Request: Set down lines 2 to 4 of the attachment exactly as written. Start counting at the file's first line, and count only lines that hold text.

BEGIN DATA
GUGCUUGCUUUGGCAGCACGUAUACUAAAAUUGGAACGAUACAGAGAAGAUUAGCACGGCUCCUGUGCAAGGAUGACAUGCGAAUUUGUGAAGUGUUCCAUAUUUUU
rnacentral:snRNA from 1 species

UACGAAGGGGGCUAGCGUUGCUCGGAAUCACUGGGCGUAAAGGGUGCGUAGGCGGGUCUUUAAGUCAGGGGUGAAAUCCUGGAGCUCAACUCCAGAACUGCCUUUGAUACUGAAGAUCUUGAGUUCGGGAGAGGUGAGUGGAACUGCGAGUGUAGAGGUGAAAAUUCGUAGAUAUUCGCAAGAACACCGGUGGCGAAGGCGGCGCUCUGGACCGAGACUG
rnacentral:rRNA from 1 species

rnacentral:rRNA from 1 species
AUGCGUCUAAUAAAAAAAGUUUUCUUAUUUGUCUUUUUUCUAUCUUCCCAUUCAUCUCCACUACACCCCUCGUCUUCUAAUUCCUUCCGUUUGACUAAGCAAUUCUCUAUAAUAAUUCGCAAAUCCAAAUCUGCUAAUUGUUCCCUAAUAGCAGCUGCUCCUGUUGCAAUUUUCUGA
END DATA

rnacentral:snRNA from 1 species

UACGAAGGGGGCUAGCGUUGCUCGGAAUCACUGGGCGUAAAGGGUGCGUAGGCGGGUCUUUAAGUCAGGGGUGAAAUCCUGGAGCUCAACUCCAGAACUGCCUUUGAUACUGAAGAUCUUGAGUUCGGGAGAGGUGAGUGGAACUGCGAGUGUAGAGGUGAAAAUUCGUAGAUAUUCGCAAGAACACCGGUGGCGAAGGCGGCGCUCUGGACCGAGACUG
rnacentral:rRNA from 1 species